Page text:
Johnnie M. WRIGHT and Norman E. Wright, Plaintiffs and Respondents, v. W. Harry JOHNS, Defendant and Appellant.
This is an appeal by defendant W. Harry Johns from a summary judgment in favor of plaintiffs Johnnie M. and Norman E. Wright.
Respondents have filed no brief despite notice given pursuant to Rule 17, subdivision (b), of the Rules on Appeal. The court has reviewed the record as to whether there is sufficient competent evidence to support the judgment. Brown v. Reliable Iron Foundry, Inc., 1959, 174 Cal.App.2d 294, 344 P.2d 633; Jarvis v. O'Brien, 1957, 147 Cal.App.2d 758, 305 P.2d 961.
On August 31, 1959, respondents brought this action against appellant to quiet title to real property located in San Francisco. They alleged that they had brought a prior action against one Louise Foote to cancel a promissory note and deed of trust on the parcels and that judgment had been entered therein in their favor. Respondents also alleged that appellant had acquired his purported interest in the parcel from Louise Foote by a deed which was executed by her on August 14, 1958, after the lis pendens in respondents' action against her had been filed and at a time when appellant had actual knowledge that said action was pending; that appellant now claims an interest in the property by virtue of this conveyance; and prayed that their title be quieted.
The record shows that on April 6, 1956, respondents purchased the property through a real estate office owned by appellant, and as part of the deal executed a promissory note and deed of trust to Louise Matlock, who was a real estate saleswoman working for appellant. The deed of trust was recorded on June 6, 1957, and on July 27, 1957, the note and deed of trust were assigned by Louise Matlock to Louise Foote, appellant's former wife. This assignment was recorded the same day.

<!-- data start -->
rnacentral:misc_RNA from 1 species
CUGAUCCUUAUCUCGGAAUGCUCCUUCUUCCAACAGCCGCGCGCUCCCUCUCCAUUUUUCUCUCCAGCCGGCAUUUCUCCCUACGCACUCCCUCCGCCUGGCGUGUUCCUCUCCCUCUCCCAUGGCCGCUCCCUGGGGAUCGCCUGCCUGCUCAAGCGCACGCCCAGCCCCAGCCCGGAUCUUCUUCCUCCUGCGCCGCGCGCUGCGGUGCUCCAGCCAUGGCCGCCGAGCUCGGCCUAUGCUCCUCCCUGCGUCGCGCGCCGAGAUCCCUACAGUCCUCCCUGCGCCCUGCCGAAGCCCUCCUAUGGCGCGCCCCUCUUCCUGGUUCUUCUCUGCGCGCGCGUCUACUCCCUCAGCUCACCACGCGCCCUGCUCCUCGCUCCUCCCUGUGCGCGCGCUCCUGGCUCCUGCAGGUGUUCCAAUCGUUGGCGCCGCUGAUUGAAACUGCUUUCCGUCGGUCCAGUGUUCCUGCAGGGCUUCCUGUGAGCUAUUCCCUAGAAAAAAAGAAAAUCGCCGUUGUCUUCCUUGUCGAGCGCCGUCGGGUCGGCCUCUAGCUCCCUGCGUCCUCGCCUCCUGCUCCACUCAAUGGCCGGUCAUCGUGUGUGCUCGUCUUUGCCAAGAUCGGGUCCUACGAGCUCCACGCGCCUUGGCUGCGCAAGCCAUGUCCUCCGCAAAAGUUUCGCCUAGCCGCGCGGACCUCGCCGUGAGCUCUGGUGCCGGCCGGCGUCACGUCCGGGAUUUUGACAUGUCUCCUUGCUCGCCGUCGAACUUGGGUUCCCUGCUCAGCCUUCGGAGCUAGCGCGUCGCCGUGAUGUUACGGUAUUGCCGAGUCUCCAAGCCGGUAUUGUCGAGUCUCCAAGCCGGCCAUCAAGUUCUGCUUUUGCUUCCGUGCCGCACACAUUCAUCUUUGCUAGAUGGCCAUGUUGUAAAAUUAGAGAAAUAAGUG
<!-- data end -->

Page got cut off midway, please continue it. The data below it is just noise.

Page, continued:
On April 16, 1958, respondents brought suit against Louise Matlock to cancel the note and deed of trust on the ground that they had been obtained through misrepresentation. On May 13, 1958, respondents filed a second amended complaint with leave of court, joining Louise Foote and appellant as defendants. On May 14, 1958, a trustee's sale was held under the deed of trust, and Louise Foote, as the highest bidder, purchased the property and took a trustee's deed thereto. On May 15, 1958, the lis pendens of respondents' action was recorded. On August 14, 1958, Louise Foote conveyed the property to appellant by grant deed. On September 22, 1959, a final default judgment was entered against Louise Foote, the action having been dismissed upon motion of respondents as to Louise Matlock and appellant. The judgment in favor of respondents declared void any interest Louise Foote might have under the note and deed of trust, or by virtue of the trustee's sale.1 Louise Foote did not appeal from this judgment.
In his opposing affidavit, appellant admitted that he had a discussion with respondents' counsel prior to August 14, 1958, but alleged that at that time respondents' action was not pending against Louise Foote but against Louise Matlock, and that the discussion therefore concerned only Louise Matlock's deed of trust; and further, that the lis pendens named only Louise Matlock and the title company as defendants and made no mention of the fact that Louise Foote was a party to the action. Appellant's affidavit asserts that he had paid valuable consideration in the amount of $2,500 for the grant deed from Louise Foote.
Appellant argues that the trial court erred in granting respondents' motion for summary judgment, for he claims his affidavit raised several ‘triable issues of fact.’ In support, he refers us to Mansfield v. Kaiser, 1959, 176 Cal.App.2d 632, 1 Cal.Rptr. 555, where the court stated:
“Summary judgment for plaintiff is proper only if the affidavits in support of his motion state facts that, if proved would be sufficient to sustain judgment in his favor, and defendant does not ‘by affidavit or affidavits * * * show such facts as may be deemed by the judge hearing the motion sufficient to present a triable issue of fact.” [citations].’ 176 Cal.App.2d at page 636, 1 Cal.Rptr. at page 558.
In arriving at his alleged triable issues of fact, appellant's presentation is not clear. However, our conclusion is that he contends that there is a question of fact as to (1) whether or not appellant was a bona fide purchaser of said real property; (2) whether or not appellant was bound by the prior adjudication cancelling the note and deed of trust held by Louise Foote; and (3) whether or not appellant has set up a defense under the doctrine of election of remedies.